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Skin Problems & Treatments Health Center

Medical Reference Related to Skin Problems & Treatments

  1. Port-Wine Stain

    Extensive port-wine stain on the right neck of a young female.

  2. Pityriasis Rubra Pilaris

    Pityriasis rubra pilaris. Diffuse salmon-colored plaques with characteristic islands of sparing on the chest of a child.

  3. Rubella

    Rubella. Truncal lesions appear 24 h after onset of facial lesions.

  4. Rash from Poisonous Plants

    Poison ivy, poison oak and poison sumac are plants that contain an irritating, oily sap called urushiol. Urushiol triggers an allergic reaction when it comes into contact with skin, resulting in an itchy rash, which can appear within hours of exposure or up to several days later.

  5. Pityriasis Rosea

    Pityriasis rosea is a harmless, common skin problem that causes a rash. Although it can occur at any age, it is seen most often in those between the ages of 10 and 35.

  6. Polyarteritis Nodosa

    Polyarteritis nodosa. Livedo pattern of the lower legs with purpura and subcutaneous nodules on the bilateral legs.

  7. Polymorphous Light Eruption

    Polymorphous light eruption. Patients with this condition develop papules, papulovesicles, or erythematous plaques in response to sun exposure. The lesions erupt a few hours to several days after the subject has been exposed to sunlight. Lesions are most often located on the face, upper chest, and exposed parts of the extremities. Ocular inflammation and cheilitis may also occur. Among North American and Latin American Indians, polymorphous light eruption tends to be a familial disease with childhood onset.

  8. Rothmund-Thomson Syndrome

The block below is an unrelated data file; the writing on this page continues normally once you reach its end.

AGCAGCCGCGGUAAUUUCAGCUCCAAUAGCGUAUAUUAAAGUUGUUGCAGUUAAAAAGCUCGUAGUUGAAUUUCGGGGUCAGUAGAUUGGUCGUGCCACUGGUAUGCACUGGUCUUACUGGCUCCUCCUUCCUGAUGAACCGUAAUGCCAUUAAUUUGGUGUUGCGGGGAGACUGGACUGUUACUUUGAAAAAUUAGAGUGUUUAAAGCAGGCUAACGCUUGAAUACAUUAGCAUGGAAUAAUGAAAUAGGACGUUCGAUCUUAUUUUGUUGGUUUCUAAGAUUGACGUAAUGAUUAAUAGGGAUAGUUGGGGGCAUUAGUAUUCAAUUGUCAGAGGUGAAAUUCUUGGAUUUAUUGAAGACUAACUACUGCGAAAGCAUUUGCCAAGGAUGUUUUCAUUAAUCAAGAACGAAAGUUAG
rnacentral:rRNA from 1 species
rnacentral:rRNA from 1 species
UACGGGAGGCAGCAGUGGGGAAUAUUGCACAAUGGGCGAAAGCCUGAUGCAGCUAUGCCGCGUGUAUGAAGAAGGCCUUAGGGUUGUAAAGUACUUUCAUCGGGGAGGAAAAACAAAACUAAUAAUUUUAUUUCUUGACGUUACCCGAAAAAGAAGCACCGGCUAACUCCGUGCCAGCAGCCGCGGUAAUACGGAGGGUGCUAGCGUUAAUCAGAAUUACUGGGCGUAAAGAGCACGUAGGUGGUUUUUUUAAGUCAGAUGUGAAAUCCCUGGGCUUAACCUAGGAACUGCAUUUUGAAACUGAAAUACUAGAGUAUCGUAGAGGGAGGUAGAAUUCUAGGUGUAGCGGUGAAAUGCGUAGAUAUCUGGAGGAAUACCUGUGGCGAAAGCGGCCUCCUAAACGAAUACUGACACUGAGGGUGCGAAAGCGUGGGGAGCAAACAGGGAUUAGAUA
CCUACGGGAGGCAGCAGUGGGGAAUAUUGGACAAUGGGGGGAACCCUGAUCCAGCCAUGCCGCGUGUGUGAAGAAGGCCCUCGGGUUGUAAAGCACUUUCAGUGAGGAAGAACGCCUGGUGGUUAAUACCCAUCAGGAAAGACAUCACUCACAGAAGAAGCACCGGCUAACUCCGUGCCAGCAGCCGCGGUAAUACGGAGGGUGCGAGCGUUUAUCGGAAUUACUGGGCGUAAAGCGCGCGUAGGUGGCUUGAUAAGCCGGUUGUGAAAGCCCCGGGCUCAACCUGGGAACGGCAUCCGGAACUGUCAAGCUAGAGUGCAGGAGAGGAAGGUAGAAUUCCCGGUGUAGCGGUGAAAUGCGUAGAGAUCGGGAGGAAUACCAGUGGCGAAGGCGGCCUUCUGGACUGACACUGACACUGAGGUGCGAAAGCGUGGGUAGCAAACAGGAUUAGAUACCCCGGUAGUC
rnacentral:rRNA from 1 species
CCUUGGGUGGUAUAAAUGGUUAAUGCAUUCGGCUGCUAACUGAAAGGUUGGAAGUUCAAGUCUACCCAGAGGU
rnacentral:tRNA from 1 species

Rothmund-Thomson syndrome. Erythema and poikloderma on the cheek of a child.

  9. Rocky Mountain Spotted Fever

    Rocky Mountain spotted fever. This disease is caused by Rickettsia rickettsii and is transmitted by a number of different ticks. Despite its geographical title, Rocky Mountain spotted fever is present in many locations throughout the United States and the entire Western Hemisphere. After infection by tick bite, there is an incubation period of 2–14 days. The abrupt onset of the disease includes severe headache, fever, chills, arthralgia, and myalgia. After 2–3 days of these constitutional symptoms, erythematous macules erupt on the wrists, hands, forearms,legs, and ankles, as seen in these figures. Lesions then spread to the palms and soles and the trunk. The macules originally blanch with pressure but soon become purpuric and even necrotic. The disease causes a severe vasculitis and complications include disseminated intravascular coagulation, hemorrhage into the gastrointestinal and urinary tracts, and cardiovascular collapse.

  10. Pyogenic Granuloma

    Pyogenic granuloma. Sudden appearance of a vascular nodule on the cheek of an infant.

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